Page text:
Alterations in the functional activity of regions in the cortical autonomic network
(CAN) occur with aging. This study tested the hypothesis that the structural connectivity
and fractional anisotropy (FA) of gray matter regions in the CAN would be compromised
with aging. Diffusion tensor imaging (BrainVoyager) was used to perform tractography
and measure FA in the anterior and posterior insular cortex (IC), the subgenual anterior
cingulate cortex (sACC), and the posterior cingulate cortex (PCC) in 11 young (25±3 yr), 10 older hypertensive (HT; 58±6 yr), and 12 older normotensive participants (NT; 64±3 yr). In young, connections were observed between the anterior IC-sACC (left, 7/11;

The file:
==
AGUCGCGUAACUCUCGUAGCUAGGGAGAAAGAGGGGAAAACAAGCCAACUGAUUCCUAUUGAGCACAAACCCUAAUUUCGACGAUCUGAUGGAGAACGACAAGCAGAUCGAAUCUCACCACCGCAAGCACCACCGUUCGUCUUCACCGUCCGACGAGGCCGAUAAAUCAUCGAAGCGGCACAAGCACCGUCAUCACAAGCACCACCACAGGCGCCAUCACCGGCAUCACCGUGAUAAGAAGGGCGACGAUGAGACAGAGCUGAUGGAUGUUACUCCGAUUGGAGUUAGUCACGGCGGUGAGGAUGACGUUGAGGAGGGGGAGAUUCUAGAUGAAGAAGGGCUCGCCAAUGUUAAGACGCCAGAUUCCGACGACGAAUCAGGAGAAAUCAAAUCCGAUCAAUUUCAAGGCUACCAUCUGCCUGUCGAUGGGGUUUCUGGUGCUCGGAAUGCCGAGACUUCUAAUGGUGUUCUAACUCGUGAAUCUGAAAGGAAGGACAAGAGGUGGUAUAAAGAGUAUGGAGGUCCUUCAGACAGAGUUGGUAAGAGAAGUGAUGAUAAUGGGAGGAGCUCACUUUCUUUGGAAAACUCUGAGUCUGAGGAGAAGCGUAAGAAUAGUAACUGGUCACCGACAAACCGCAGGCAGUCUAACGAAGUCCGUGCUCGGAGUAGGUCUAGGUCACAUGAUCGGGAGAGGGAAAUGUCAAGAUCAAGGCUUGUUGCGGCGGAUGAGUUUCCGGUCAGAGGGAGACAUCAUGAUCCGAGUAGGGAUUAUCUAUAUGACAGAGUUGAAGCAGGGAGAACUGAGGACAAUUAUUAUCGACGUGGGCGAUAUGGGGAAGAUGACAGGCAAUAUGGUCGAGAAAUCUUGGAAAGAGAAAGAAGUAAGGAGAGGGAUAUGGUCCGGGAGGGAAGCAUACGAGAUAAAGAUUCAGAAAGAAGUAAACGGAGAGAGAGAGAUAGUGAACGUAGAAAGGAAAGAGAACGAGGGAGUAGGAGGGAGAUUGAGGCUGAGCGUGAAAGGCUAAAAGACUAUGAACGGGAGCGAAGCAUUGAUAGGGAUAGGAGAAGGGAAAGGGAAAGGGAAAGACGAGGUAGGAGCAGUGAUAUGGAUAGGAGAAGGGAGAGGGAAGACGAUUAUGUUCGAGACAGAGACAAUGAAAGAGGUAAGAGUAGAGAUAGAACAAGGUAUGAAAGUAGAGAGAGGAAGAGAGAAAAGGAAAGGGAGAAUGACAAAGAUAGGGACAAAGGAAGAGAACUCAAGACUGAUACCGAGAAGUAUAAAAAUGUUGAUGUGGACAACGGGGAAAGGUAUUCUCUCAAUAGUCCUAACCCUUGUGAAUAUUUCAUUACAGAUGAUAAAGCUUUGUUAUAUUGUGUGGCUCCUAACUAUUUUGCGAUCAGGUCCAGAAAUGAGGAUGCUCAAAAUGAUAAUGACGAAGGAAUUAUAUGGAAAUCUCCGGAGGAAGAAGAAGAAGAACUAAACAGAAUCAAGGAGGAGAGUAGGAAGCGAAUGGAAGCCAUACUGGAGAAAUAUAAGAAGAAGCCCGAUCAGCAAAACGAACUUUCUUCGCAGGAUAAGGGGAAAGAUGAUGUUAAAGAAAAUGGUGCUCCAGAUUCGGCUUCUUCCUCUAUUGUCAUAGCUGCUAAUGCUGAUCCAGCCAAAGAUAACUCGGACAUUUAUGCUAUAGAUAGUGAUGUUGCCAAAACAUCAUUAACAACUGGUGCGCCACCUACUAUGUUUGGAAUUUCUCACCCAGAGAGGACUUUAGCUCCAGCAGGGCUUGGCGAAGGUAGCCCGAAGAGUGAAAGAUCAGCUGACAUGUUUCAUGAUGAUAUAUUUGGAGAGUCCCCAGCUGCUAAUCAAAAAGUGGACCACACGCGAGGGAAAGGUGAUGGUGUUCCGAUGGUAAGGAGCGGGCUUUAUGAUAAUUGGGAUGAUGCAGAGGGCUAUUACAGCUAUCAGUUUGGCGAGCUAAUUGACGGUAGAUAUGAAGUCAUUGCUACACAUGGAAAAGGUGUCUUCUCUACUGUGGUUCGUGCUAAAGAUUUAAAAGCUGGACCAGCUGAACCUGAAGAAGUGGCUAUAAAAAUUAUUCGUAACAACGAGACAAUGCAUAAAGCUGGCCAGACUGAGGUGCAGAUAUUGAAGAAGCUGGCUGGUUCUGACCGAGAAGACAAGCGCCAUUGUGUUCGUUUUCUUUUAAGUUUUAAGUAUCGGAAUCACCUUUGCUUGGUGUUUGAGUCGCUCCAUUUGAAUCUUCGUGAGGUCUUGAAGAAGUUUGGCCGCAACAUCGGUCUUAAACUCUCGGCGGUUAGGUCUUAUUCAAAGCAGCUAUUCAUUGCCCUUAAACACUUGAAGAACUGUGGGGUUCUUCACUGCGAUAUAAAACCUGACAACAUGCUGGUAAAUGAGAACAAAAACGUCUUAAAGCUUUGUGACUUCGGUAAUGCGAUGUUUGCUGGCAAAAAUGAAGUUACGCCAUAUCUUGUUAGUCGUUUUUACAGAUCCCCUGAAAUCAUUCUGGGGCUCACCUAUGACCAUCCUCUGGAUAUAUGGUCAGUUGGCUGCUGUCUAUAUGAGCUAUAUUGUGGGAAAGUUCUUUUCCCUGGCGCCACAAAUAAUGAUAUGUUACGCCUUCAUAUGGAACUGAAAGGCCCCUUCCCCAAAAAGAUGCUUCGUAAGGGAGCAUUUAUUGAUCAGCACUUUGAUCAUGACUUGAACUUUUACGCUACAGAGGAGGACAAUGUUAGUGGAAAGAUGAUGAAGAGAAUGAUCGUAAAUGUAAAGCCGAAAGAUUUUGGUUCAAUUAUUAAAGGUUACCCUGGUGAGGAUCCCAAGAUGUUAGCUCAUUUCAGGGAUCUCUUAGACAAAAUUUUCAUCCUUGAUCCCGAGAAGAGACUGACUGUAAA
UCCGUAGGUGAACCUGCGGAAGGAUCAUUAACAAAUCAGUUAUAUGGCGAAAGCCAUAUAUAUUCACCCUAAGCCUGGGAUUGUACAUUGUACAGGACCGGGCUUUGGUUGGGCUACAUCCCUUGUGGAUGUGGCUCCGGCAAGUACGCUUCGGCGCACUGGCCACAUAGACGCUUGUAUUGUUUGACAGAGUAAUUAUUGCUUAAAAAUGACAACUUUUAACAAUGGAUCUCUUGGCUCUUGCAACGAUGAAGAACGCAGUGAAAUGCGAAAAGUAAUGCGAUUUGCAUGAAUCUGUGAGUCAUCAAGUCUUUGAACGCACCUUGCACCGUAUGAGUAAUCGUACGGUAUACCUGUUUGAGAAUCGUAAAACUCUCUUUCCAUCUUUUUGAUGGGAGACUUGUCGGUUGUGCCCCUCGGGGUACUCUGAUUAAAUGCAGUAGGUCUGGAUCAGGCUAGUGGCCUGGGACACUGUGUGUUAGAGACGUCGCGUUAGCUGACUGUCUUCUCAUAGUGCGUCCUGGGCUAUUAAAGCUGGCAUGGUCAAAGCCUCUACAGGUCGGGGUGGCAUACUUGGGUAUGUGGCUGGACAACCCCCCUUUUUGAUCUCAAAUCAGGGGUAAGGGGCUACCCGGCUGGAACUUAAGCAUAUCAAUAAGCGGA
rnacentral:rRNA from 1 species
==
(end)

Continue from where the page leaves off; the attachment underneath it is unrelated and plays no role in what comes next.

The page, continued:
right, 9/11), as well as between the posterior IC-PCC (left, 10/11; right, 8/11).
In HT, connections were observed between the anterior IC-sACC (left, 6/12; right 7/12),
as well as between the posterior IC-PCC (left, 11/12; right, 6/12). In NT, few connections
were observed between anterior IC-sACC (left, 1/10; right, 1/10), and more posterior
IC-PCC connectivity (left, 9/10; right, 6/10). The FA values were not different between
HT and NT and these values were grouped. Compared to young, the FA values were lower
in the older groups for each of the left anterior IC (0.29 vs. 0.26), the left posterior
IC (0.29 vs. 0.26), the right anterior IC (0.27 vs. 0.23), and the right posterior
IC (0.33 vs. 0.30) (all P<0.05). The FA of the sACC was not different between young, HT or NT whereas FA of
the PCC was higher in the older groups (0.30) compared to young (0.20; P<0.05). It was concluded that in this group, aging was associated with reduced white
matter connectivity between CAN regions that degrade anteriorly. The microstructural
alterations in the insula may contribute to autonomic dysregulation in aging.
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© 2010 Published by Elsevier Inc.